2. The North London Councils (the Councils) submitted a paper; “CDNLWP41 Duty to cooperate – Borough’s response to Inspector” which is an answer to my request for a briefing note on how the requirements to cooperate had been met.  The Councils also submitted a “Legal Response to SEWPAG and EoEWTAB from NLWP on Main Matter 1”.  I have also seen a recent exchange of emails between the Regional Advisory Groups and the Councils forwarded to me by the Programme Officer.    Further legal submissions were made by the parties at the hearing, including the North London Waste Authority (NLWA) who added to their earlier paper on Legal Issues.  In addition, at the hearing, I heard further details about the degree of contact between the Councils and the planning authorities where waste was received from North London (the waste importing authorities).  Subsequently, additional submissions have been received from SEWPAG and EoEWTAB, the NLWA and the Councils[2].

3. There is no dispute about co-operation between the 7 North London Boroughs, other London Boroughs or other persons.

The Substance of the Submissions

Application of the duty to co-operate
4.  SEWPAG and EoEWAB jointly claim the NLWP has failed in the duty to co-operate in that it has failed in its obligation “to engage, constructively, actively and on an on-going basis” with regard to the development of the Plan.  The Councils have not engaged actively with the planning authorities outside London when preparing the Plan and no evidence has been adduced to show any such co-operation.

5.  The Councils responded, accepting that in relation to the preparation of development plan documents, S33A “imposes a duty on specified bodies to co-operate with one another if there are strategic matters planned in the Plan”.  They also submitted that S33A of the 2004 Act defines a “strategic matter” very narrowly.  The relevant definition is “sustainable development or use of land that has or would have a significant impact on at least two planning areas, including (in particular) sustainable development or use of land for or in connection with infrastructure that is strategic and has or would have a significant impact on at least two planning areas…. .” 

6.  The Councils stated that the Plan is not proposing any development or use of land which would have a significant impact outside the 7 Boroughs (which constitute “the Councils”).  The Councils claim that the statute expressly limits itself to particular development proposals. 

7.  Moreover, the Councils submitted that a “planning area” as defined in the Act, does not include County Councils such as Essex, Oxfordshire, Hertfordshire, Surrey, Buckinghamshire and Northamptonshire.  They are non-qualifying Councils for the purposes of the Plan.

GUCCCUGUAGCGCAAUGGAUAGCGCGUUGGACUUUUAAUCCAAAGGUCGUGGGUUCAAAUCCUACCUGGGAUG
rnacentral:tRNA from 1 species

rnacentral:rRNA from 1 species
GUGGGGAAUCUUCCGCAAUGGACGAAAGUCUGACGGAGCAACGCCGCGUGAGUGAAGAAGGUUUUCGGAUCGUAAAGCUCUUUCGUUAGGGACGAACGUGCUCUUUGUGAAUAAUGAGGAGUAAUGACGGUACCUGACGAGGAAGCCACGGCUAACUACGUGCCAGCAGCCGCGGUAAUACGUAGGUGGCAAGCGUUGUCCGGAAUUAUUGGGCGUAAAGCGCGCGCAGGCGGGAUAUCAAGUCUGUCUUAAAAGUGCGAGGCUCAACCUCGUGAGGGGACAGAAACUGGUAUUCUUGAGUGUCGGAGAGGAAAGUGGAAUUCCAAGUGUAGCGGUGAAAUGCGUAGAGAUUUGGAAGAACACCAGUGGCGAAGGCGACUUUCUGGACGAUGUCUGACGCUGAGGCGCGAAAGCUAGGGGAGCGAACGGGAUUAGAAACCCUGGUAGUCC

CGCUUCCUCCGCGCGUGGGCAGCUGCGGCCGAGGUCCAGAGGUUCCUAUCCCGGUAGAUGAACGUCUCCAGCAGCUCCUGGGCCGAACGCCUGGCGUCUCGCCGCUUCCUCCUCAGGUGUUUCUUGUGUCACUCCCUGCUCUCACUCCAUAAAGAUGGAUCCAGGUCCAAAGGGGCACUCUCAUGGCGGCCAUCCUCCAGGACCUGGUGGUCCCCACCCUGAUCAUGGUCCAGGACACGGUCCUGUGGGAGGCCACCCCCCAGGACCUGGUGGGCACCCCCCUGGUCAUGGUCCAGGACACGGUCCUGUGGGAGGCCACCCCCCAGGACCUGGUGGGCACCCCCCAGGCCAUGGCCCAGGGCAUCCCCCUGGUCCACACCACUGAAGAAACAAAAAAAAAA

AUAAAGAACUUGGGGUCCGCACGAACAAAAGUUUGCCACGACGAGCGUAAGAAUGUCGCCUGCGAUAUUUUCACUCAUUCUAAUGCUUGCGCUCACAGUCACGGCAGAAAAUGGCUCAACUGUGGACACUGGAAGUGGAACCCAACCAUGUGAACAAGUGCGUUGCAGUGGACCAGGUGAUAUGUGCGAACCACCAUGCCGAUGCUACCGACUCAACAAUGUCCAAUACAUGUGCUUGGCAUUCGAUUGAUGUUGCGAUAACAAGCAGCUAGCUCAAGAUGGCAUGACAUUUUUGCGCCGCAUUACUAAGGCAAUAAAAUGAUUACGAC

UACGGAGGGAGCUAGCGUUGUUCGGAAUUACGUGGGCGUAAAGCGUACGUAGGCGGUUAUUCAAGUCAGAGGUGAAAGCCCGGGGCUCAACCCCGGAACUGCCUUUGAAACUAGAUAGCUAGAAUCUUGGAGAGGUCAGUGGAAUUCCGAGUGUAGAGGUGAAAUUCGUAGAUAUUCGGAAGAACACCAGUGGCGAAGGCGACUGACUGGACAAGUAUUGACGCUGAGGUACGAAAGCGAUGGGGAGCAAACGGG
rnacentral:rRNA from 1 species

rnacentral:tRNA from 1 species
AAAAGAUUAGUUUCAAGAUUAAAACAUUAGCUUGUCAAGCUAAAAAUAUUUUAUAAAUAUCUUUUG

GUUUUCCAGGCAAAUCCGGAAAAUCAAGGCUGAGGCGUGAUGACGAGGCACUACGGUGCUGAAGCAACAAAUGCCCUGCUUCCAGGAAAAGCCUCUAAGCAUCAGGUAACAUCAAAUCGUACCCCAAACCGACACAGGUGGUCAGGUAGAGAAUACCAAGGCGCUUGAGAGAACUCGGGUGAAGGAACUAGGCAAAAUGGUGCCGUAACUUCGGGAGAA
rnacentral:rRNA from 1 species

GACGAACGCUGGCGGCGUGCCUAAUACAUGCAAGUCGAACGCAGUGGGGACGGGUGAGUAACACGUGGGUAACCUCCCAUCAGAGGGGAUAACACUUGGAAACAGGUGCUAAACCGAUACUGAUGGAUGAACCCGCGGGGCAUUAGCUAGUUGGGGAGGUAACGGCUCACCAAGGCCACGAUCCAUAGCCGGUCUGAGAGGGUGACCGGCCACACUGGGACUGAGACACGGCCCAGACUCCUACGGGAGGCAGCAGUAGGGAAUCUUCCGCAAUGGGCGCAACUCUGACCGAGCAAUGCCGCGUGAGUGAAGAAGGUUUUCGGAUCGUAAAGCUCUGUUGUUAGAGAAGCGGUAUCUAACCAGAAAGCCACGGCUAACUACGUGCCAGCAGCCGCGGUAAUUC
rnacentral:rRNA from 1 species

8.  The NLWA supported the Councils and added that in order to demonstrate that the duty was engaged in relation to areas outside London, it would be necessary to establish that policies for development or use of land would have a significant impact.  No evidence has been produced to demonstrate such an impact.
Inspector’s Conclusions
9.  S33A (1) states that “… each person who is: (a) a local planning authority, (b)…., or (c) …, must co-operate with every other person who is within paragraph (a), (b) or (c) … in maximising the effectiveness with which activities within subsection (3) are undertaken.” 

10.  Subsection (3) indicates that the activities within this subsection include “(a) the preparation of development plan documents, and (e) activities that support activities within any of the paragraphs (a) to (c), so far as relating to a strategic matter.” 

11.  Subsection (4) defines “a strategic matter” for the purposes of subsection (3) as “(a) sustainable development or use of land that has or would have a significant impact on at least two planning areas, including (in particular) sustainable development or use of land for or in connection with infrastructure that is strategic and has or would have a significant impact on at least two planning areas, and (b) sustainable development or use of land in a two tier area if the development or use (i) is a county matter, or (ii) has or would have a significant impact on a county matter.”

12.  The definition of “planning area” in Subsection (5) includes “(a) the area of – (i) a district council (including a metropolitan district council), (ii) a London borough council, or (iii) a county council in England for an area for which there is no district council, but only so far as neither is in a National Park nor in the Broads, (b) …”

13.  I agree with the Councils that S33A does not state explicitly that waste management is a strategic matter.  Nevertheless, the National Planning Policy Framework (NPPF) includes “the provision of infrastructure for …, waste management, …” as one of  the strategic priorities for the area in the Local Plan. (para 156)  In addition, the NPPF states (a) that “local planning authorities should work with authorities and providers to assess the quality and capacity of infrastructure for … waste … and its ability to meet forecast demands; …” (para 162); and (b) “Public bodies have a duty to cooperate on planning issues that cross administrative boundaries, particularly those which relate to the strategic priorities set out in paragraph 156.” (para 178)  Therefore, I consider that waste management is capable of qualifying as a strategic matter for the purposes of S33A.  Indeed, given that there are extant Regional Advisory Bodies which have been created to examine the regional element of waste management, and that waste which arises in one council area is often managed or disposed of in another, I would say that there is every expectation that waste management should be treated as a strategic matter.